An example of a fable would be "The Ant and the Grasshopper," by the Greek fabulist Aesop. A fable is a short fictional story, often containing elements such as anthropomorphic animals, written for the benefit of a concluding maxim or moral.Know More
In the above fable, the grasshopper seeks to distract the industrious ant from storing food for the coming winter. The ant is undeterred, and the grasshopper realizes, when winter sets in, that "it is best to prepare for the days of necessity."
It is generally agreed that Aesop lived from 620 BCE to 564 BCE; without any surviving records or writings from that era, though, his authorship of the over 600 fables credited to him are still a matter of scholarly debate.Learn more about Folklore
Some of the best-known fairy tales include "Cinderella," "Snow White," "Puss in Boots," "Little Red Riding Hood," "Bluebeard" and "Beauty and the Beast." Fairy tales are widely shared short stories that depend on popular plots and magical tropes drawn from a shared folklore. They were often intended for adults as well as children. Many favorite fairy tales were crafted by skilled writers, not simply collected oral traditions.Full Answer >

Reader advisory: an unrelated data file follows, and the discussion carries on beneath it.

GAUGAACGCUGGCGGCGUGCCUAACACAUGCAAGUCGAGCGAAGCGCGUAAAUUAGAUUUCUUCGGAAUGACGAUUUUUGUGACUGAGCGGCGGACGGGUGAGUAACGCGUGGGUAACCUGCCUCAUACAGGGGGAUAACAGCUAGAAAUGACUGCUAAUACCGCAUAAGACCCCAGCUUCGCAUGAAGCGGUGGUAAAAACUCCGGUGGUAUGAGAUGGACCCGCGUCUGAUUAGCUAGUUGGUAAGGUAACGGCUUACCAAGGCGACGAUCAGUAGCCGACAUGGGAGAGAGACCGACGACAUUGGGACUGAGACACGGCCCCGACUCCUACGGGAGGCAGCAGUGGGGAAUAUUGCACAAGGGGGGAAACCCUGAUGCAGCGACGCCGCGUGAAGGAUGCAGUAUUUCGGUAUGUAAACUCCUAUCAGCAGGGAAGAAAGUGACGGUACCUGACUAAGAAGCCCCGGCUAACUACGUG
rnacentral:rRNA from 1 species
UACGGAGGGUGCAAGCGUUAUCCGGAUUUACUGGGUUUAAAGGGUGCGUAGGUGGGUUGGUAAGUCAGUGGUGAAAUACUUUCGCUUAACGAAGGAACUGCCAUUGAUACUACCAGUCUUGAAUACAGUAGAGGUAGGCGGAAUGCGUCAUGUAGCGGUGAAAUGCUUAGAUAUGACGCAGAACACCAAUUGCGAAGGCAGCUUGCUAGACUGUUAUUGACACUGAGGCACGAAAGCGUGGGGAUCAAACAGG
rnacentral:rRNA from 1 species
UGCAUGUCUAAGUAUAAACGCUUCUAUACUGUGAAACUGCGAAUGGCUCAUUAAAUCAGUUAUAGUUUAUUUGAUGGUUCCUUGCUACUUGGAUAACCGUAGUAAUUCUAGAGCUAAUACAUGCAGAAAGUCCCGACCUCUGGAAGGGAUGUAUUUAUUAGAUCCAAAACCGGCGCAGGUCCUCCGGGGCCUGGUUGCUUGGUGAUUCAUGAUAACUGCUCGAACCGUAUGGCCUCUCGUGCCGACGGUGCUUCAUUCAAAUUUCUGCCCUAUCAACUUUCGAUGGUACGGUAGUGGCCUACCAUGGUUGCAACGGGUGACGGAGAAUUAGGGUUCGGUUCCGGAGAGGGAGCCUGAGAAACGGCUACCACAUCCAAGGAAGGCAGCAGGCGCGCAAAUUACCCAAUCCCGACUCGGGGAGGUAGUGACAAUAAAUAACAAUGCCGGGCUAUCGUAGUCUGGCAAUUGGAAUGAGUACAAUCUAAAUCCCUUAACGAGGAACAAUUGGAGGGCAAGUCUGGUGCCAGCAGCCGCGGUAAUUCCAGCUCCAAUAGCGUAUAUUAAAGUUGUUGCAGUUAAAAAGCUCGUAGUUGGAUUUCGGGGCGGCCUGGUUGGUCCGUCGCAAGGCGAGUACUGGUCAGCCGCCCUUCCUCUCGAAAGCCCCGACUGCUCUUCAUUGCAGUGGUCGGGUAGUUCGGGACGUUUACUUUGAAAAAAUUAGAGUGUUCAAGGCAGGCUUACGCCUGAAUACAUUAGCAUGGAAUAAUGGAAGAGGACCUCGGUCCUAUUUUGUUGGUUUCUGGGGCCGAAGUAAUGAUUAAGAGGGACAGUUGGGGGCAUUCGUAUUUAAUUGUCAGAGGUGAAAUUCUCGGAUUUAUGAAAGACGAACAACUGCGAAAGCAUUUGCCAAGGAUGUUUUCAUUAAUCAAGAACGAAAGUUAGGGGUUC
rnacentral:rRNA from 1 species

As of June of 2014, seven elements are named for mythological figures: Niobium, Promethium, Thorium, Tantalum, Mercury, Titanium and Vanadium. The names are derived from Roman, Greek and Norse mythology.Full Answer >
Countess Elizabeth Bathory of Hungary was called the Blood Countess because she reputedly killed hundreds of young peasant and servant women in the 16th and 17th centuries. She allegedly bathed in their blood in order to remain youthful and beautiful.Full Answer >
Many people have sung the song with the lyrics, "It's raining, it's pouring, the old man is snoring." The lyrics are attributed to Mother Goose and have also been included in pop songs. The lyrics were sung by Mary Travers of Peter, Paul and Mary in "It's Raining."Full Answer >